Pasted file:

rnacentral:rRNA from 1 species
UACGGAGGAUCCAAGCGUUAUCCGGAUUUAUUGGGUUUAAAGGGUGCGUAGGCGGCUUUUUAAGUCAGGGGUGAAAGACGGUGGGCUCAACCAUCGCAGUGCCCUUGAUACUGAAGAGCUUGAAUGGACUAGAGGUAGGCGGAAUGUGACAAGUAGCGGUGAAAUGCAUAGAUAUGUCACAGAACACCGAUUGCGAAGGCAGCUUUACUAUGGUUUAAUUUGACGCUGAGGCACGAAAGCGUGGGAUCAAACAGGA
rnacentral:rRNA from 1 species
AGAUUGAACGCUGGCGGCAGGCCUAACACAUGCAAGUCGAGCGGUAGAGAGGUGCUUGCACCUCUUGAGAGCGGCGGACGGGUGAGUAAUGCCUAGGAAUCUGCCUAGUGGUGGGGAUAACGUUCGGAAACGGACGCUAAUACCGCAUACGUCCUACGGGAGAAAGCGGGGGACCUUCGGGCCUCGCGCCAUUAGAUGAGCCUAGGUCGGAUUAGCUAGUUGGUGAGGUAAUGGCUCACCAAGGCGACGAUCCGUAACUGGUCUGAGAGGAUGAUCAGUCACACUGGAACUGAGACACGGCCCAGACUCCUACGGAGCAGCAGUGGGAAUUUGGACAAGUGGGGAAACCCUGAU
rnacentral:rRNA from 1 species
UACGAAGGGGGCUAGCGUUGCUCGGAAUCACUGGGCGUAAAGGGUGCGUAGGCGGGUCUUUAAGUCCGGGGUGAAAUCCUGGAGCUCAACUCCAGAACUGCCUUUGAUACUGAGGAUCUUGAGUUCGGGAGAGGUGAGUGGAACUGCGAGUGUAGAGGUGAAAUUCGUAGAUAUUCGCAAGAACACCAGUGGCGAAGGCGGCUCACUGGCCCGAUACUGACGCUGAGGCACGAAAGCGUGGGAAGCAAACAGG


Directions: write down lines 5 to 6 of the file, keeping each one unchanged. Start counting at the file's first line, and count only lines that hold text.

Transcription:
rnacentral:rRNA from 1 species
UACGAAGGGGGCUAGCGUUGCUCGGAAUCACUGGGCGUAAAGGGUGCGUAGGCGGGUCUUUAAGUCCGGGGUGAAAUCCUGGAGCUCAACUCCAGAACUGCCUUUGAUACUGAGGAUCUUGAGUUCGGGAGAGGUGAGUGGAACUGCGAGUGUAGAGGUGAAAUUCGUAGAUAUUCGCAAGAACACCAGUGGCGAAGGCGGCUCACUGGCCCGAUACUGACGCUGAGGCACGAAAGCGUGGGAAGCAAACAGG